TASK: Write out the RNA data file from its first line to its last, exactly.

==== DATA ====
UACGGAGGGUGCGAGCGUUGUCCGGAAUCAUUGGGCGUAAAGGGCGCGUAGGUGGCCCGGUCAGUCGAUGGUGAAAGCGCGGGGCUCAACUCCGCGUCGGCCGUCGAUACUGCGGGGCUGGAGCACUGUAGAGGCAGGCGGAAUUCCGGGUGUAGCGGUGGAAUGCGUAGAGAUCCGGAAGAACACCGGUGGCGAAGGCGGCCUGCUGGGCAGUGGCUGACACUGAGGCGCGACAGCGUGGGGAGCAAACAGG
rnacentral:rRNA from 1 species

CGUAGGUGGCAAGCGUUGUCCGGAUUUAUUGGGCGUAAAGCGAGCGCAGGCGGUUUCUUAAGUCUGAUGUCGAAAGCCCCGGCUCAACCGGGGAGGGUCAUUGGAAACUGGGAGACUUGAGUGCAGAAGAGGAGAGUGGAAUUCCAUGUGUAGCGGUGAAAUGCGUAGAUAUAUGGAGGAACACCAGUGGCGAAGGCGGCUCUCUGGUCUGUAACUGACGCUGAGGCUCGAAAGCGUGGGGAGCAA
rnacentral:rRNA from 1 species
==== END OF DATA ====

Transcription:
UACGGAGGGUGCGAGCGUUGUCCGGAAUCAUUGGGCGUAAAGGGCGCGUAGGUGGCCCGGUCAGUCGAUGGUGAAAGCGCGGGGCUCAACUCCGCGUCGGCCGUCGAUACUGCGGGGCUGGAGCACUGUAGAGGCAGGCGGAAUUCCGGGUGUAGCGGUGGAAUGCGUAGAGAUCCGGAAGAACACCGGUGGCGAAGGCGGCCUGCUGGGCAGUGGCUGACACUGAGGCGCGACAGCGUGGGGAGCAAACAGG
rnacentral:rRNA from 1 species

CGUAGGUGGCAAGCGUUGUCCGGAUUUAUUGGGCGUAAAGCGAGCGCAGGCGGUUUCUUAAGUCUGAUGUCGAAAGCCCCGGCUCAACCGGGGAGGGUCAUUGGAAACUGGGAGACUUGAGUGCAGAAGAGGAGAGUGGAAUUCCAUGUGUAGCGGUGAAAUGCGUAGAUAUAUGGAGGAACACCAGUGGCGAAGGCGGCUCUCUGGUCUGUAACUGACGCUGAGGCUCGAAAGCGUGGGGAGCAA
rnacentral:rRNA from 1 species